Global Variables

During the summer of 1996 a discussion about the use of global variables appeared in comp.lang.apl. I meant to post the following article but never got around to it.

Raul Miller wrote on July 11, 1996:

Semi-globals are different. Semi-globals are typically used in APL to work around the limitation of passing only two arrays to a function, or to work around the limitation that name spaces aren't first class objects of the language.

In first-generation APLs this was certainly the case, but nested arrays make it very easy and efficient to pass any number of arrays into or out of a function. Also, I don't think there's much practical difference between true globals (localized nowhere) and semi-globals (global to some functions, but localized in some higher-level function). Although a semi-global ceases to be global at some level, all the problems of globals can be encountered with semi-globals as well. In the following discussion, I use the term "global" to mean any object not localized by the function that uses it.

Sometimes the number of arguments to a function is inconveniently large. Making some of the arguments be global variables allows you to focus attention on the more significant arguments, which can be passed as formal (left and right) arguments. For example, APL's equal function has three arguments: the two usual operands, plus the comparison tolerance. Passing the latter via the global #CT allows you to focus attention on the operands in places where = is used. This technique is also handy for arguments that don't usually change with every call. An example is "symbolic constants", such as variables that specify file names and paths.

Globals are also useful for pass-through communication. A function that uses a subroutine shouldn't have to know about every feature of the subroutine. Some features might logically be the responsibility of a higher-level routine, and only the higher-level routine should know about the feature. Globals variables are a way of implementing direct long-distance communication between routines that have one or more functions between them on the calling stack. #PP is an example here, with the user typically being the ultimate higher-level routine. Functions that use monadic format (explicitly, or implicitly by displaying numeric values) shouldn't generally have to know about the printing precision; they shouldn't have to limit themselves by specifying a fixed value that can be altered only by changing constants within the program. The user can communicate the desired precision to {format} by setting a global variable.

Sometimes a global variable can be thought of as part of a program. For example, some tasks can be implemented more efficiently by precomputing a table and using the table to avoid needless recomputation each time the program is called. Such globals are not really much different from a global subroutine used by a program. An example of this is the SETS3 function (c.l.a, 16 Apr 96), which used a precomputed matrix of combinations. A somewhat different example is my collection of assembler routines (FastFns), which have the machine code stored in global variables. This was originally done on the APL*PLUS/PC system because it is much faster than imbedding the long numeric vector in the function, but it has other advantages as well: It's easier to update the object code, and on the APL*PLUS II/III systems, the correct signature in the first element can be installed once, when the object is loaded into the workspace, instead of having to be done each time the FastFn is called.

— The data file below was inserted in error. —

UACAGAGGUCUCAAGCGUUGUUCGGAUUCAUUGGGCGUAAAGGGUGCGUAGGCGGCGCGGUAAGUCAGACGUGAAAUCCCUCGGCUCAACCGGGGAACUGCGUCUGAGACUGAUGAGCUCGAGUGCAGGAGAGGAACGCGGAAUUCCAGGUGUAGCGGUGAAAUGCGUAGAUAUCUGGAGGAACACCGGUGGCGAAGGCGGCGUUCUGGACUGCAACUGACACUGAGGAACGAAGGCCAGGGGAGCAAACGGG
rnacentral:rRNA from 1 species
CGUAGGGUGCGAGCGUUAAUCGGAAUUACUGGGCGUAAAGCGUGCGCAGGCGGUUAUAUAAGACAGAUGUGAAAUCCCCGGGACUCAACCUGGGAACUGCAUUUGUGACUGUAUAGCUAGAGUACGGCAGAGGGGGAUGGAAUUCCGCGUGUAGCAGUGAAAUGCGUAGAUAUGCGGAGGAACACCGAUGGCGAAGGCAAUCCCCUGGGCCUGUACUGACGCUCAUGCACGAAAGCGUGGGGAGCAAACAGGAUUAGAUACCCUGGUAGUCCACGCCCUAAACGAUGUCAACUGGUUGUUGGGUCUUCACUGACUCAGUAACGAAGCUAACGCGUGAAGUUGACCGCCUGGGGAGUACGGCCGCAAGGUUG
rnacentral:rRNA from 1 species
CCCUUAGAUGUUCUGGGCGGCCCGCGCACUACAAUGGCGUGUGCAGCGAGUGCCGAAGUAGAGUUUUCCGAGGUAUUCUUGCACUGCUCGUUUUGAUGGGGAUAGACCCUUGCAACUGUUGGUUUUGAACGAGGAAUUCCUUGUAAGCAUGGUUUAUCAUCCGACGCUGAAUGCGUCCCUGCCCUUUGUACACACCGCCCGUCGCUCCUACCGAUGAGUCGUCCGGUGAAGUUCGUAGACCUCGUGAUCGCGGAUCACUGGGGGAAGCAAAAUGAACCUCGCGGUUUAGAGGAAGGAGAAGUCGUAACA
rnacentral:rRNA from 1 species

Still another use for globals is for private, static data used by a function. ("Static" meaning the previous value will be needed on the next call to the function.) An example is #RL. It would be an nuisance to have to specify #RL as both an argument and a result to every roll or deal operation. Although it might be nice if such data could be imbedded within a namespace for the module, it's not hard to avoid the problems that a namespace would solve by means of some simple naming conventions. And working in a flat namespace environment is more convenient than having to constantly switch from one namespace to another.

Using globals does require a certain amount of discipline to avoid problems:

Even with these conventions, there are still some disadvantages to using globals. If a function has a global argument that needs to be changed from one call to the next, you can't easily build an expression such as (FOO X)+(FOO Y) that involves two calls to the function. An explicit argument would be more convenient in this case. However, many subroutines are never used in compound expressions, so this is not a real problem for them. Global results also make it difficult to build expressions, but returning multiple explicit results does not make it much easier to construct expressions. If you want to be able to use a function freely in expressions, it should return a single result.

As for compilation, I think declarations should inform the compiler about the type/rank of upward globals and should be used to indicate any downward globals that are referenced or set by subroutines. (It would also be useful to be able to specify exactly which variables are used and set by each subroutine, so the compiled code doesn't have to materialize them all for every call and check them on every return.) I think it's a mistake to allow the semantics of a language be driven too much by the needs of a compiler (e.g., altering scope rules or banning globals). APL's success stems in part from implementing what makes sense, rather than what's easy to do.

Using globals presents the programmer with some extra challenges in the goal of writing clear programs, but they are an indispensible tool in writing flexible, efficient, and maintainable applications.

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